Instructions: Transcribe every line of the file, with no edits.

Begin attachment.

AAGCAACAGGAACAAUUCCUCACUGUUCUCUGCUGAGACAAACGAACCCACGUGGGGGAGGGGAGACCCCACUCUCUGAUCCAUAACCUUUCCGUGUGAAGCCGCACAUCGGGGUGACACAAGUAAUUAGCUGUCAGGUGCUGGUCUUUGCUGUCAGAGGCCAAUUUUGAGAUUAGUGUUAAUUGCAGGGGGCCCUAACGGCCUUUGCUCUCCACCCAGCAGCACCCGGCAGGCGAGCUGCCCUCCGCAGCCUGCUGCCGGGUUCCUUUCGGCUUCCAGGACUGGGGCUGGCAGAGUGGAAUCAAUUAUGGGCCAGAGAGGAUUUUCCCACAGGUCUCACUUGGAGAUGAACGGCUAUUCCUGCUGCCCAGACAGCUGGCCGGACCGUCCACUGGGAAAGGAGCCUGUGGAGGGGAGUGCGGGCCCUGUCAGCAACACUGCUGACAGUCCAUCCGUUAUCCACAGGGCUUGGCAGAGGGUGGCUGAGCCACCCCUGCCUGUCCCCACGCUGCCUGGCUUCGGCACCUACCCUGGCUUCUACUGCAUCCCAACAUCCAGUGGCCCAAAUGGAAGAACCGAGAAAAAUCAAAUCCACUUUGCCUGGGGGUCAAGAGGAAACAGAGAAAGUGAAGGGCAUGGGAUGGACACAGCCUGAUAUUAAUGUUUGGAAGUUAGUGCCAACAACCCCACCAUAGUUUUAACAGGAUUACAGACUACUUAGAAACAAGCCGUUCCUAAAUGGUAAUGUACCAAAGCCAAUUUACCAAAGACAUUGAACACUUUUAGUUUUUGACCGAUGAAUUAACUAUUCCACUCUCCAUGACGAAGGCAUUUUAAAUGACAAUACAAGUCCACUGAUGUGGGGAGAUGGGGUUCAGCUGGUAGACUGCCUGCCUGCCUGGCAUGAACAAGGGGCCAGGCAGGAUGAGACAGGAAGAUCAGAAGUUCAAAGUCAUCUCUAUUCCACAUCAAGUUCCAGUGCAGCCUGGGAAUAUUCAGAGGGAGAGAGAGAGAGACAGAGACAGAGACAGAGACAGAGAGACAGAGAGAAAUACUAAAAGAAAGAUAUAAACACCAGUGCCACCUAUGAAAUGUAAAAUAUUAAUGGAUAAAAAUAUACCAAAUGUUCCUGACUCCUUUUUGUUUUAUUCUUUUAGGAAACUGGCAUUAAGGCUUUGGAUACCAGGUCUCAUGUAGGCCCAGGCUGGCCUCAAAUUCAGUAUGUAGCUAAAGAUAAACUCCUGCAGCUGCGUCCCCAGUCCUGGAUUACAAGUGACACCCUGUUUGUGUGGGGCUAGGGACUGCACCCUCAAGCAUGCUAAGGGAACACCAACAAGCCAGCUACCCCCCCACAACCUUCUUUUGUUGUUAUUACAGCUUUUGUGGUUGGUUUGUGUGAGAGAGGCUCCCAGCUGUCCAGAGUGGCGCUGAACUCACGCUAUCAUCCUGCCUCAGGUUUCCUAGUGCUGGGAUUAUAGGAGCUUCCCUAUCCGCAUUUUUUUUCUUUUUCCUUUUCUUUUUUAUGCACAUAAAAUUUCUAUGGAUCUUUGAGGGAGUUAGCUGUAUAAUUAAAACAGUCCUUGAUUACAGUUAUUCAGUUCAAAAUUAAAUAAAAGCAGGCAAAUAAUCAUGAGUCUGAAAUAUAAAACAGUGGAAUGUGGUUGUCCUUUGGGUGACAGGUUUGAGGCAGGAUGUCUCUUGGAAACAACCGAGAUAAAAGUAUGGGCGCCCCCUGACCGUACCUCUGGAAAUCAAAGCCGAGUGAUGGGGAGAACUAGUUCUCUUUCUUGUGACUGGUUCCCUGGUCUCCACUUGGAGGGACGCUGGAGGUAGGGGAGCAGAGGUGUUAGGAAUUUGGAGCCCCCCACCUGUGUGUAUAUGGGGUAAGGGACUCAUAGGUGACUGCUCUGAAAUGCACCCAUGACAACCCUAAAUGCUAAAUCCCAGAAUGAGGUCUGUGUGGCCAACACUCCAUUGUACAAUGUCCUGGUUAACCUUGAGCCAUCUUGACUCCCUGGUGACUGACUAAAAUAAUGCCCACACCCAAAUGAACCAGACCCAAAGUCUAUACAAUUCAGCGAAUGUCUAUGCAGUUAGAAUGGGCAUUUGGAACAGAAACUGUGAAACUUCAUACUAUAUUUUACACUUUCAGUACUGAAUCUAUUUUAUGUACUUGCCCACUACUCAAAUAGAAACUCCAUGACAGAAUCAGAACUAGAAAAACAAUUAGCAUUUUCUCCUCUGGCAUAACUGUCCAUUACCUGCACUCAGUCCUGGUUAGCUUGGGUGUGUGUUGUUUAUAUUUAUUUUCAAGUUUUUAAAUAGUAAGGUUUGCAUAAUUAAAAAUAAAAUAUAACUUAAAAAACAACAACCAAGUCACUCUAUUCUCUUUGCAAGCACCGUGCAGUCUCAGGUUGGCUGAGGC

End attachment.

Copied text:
AAGCAACAGGAACAAUUCCUCACUGUUCUCUGCUGAGACAAACGAACCCACGUGGGGGAGGGGAGACCCCACUCUCUGAUCCAUAACCUUUCCGUGUGAAGCCGCACAUCGGGGUGACACAAGUAAUUAGCUGUCAGGUGCUGGUCUUUGCUGUCAGAGGCCAAUUUUGAGAUUAGUGUUAAUUGCAGGGGGCCCUAACGGCCUUUGCUCUCCACCCAGCAGCACCCGGCAGGCGAGCUGCCCUCCGCAGCCUGCUGCCGGGUUCCUUUCGGCUUCCAGGACUGGGGCUGGCAGAGUGGAAUCAAUUAUGGGCCAGAGAGGAUUUUCCCACAGGUCUCACUUGGAGAUGAACGGCUAUUCCUGCUGCCCAGACAGCUGGCCGGACCGUCCACUGGGAAAGGAGCCUGUGGAGGGGAGUGCGGGCCCUGUCAGCAACACUGCUGACAGUCCAUCCGUUAUCCACAGGGCUUGGCAGAGGGUGGCUGAGCCACCCCUGCCUGUCCCCACGCUGCCUGGCUUCGGCACCUACCCUGGCUUCUACUGCAUCCCAACAUCCAGUGGCCCAAAUGGAAGAACCGAGAAAAAUCAAAUCCACUUUGCCUGGGGGUCAAGAGGAAACAGAGAAAGUGAAGGGCAUGGGAUGGACACAGCCUGAUAUUAAUGUUUGGAAGUUAGUGCCAACAACCCCACCAUAGUUUUAACAGGAUUACAGACUACUUAGAAACAAGCCGUUCCUAAAUGGUAAUGUACCAAAGCCAAUUUACCAAAGACAUUGAACACUUUUAGUUUUUGACCGAUGAAUUAACUAUUCCACUCUCCAUGACGAAGGCAUUUUAAAUGACAAUACAAGUCCACUGAUGUGGGGAGAUGGGGUUCAGCUGGUAGACUGCCUGCCUGCCUGGCAUGAACAAGGGGCCAGGCAGGAUGAGACAGGAAGAUCAGAAGUUCAAAGUCAUCUCUAUUCCACAUCAAGUUCCAGUGCAGCCUGGGAAUAUUCAGAGGGAGAGAGAGAGAGACAGAGACAGAGACAGAGACAGAGAGACAGAGAGAAAUACUAAAAGAAAGAUAUAAACACCAGUGCCACCUAUGAAAUGUAAAAUAUUAAUGGAUAAAAAUAUACCAAAUGUUCCUGACUCCUUUUUGUUUUAUUCUUUUAGGAAACUGGCAUUAAGGCUUUGGAUACCAGGUCUCAUGUAGGCCCAGGCUGGCCUCAAAUUCAGUAUGUAGCUAAAGAUAAACUCCUGCAGCUGCGUCCCCAGUCCUGGAUUACAAGUGACACCCUGUUUGUGUGGGGCUAGGGACUGCACCCUCAAGCAUGCUAAGGGAACACCAACAAGCCAGCUACCCCCCCACAACCUUCUUUUGUUGUUAUUACAGCUUUUGUGGUUGGUUUGUGUGAGAGAGGCUCCCAGCUGUCCAGAGUGGCGCUGAACUCACGCUAUCAUCCUGCCUCAGGUUUCCUAGUGCUGGGAUUAUAGGAGCUUCCCUAUCCGCAUUUUUUUUCUUUUUCCUUUUCUUUUUUAUGCACAUAAAAUUUCUAUGGAUCUUUGAGGGAGUUAGCUGUAUAAUUAAAACAGUCCUUGAUUACAGUUAUUCAGUUCAAAAUUAAAUAAAAGCAGGCAAAUAAUCAUGAGUCUGAAAUAUAAAACAGUGGAAUGUGGUUGUCCUUUGGGUGACAGGUUUGAGGCAGGAUGUCUCUUGGAAACAACCGAGAUAAAAGUAUGGGCGCCCCCUGACCGUACCUCUGGAAAUCAAAGCCGAGUGAUGGGGAGAACUAGUUCUCUUUCUUGUGACUGGUUCCCUGGUCUCCACUUGGAGGGACGCUGGAGGUAGGGGAGCAGAGGUGUUAGGAAUUUGGAGCCCCCCACCUGUGUGUAUAUGGGGUAAGGGACUCAUAGGUGACUGCUCUGAAAUGCACCCAUGACAACCCUAAAUGCUAAAUCCCAGAAUGAGGUCUGUGUGGCCAACACUCCAUUGUACAAUGUCCUGGUUAACCUUGAGCCAUCUUGACUCCCUGGUGACUGACUAAAAUAAUGCCCACACCCAAAUGAACCAGACCCAAAGUCUAUACAAUUCAGCGAAUGUCUAUGCAGUUAGAAUGGGCAUUUGGAACAGAAACUGUGAAACUUCAUACUAUAUUUUACACUUUCAGUACUGAAUCUAUUUUAUGUACUUGCCCACUACUCAAAUAGAAACUCCAUGACAGAAUCAGAACUAGAAAAACAAUUAGCAUUUUCUCCUCUGGCAUAACUGUCCAUUACCUGCACUCAGUCCUGGUUAGCUUGGGUGUGUGUUGUUUAUAUUUAUUUUCAAGUUUUUAAAUAGUAAGGUUUGCAUAAUUAAAAAUAAAAUAUAACUUAAAAAACAACAACCAAGUCACUCUAUUCUCUUUGCAAGCACCGUGCAGUCUCAGGUUGGCUGAGGC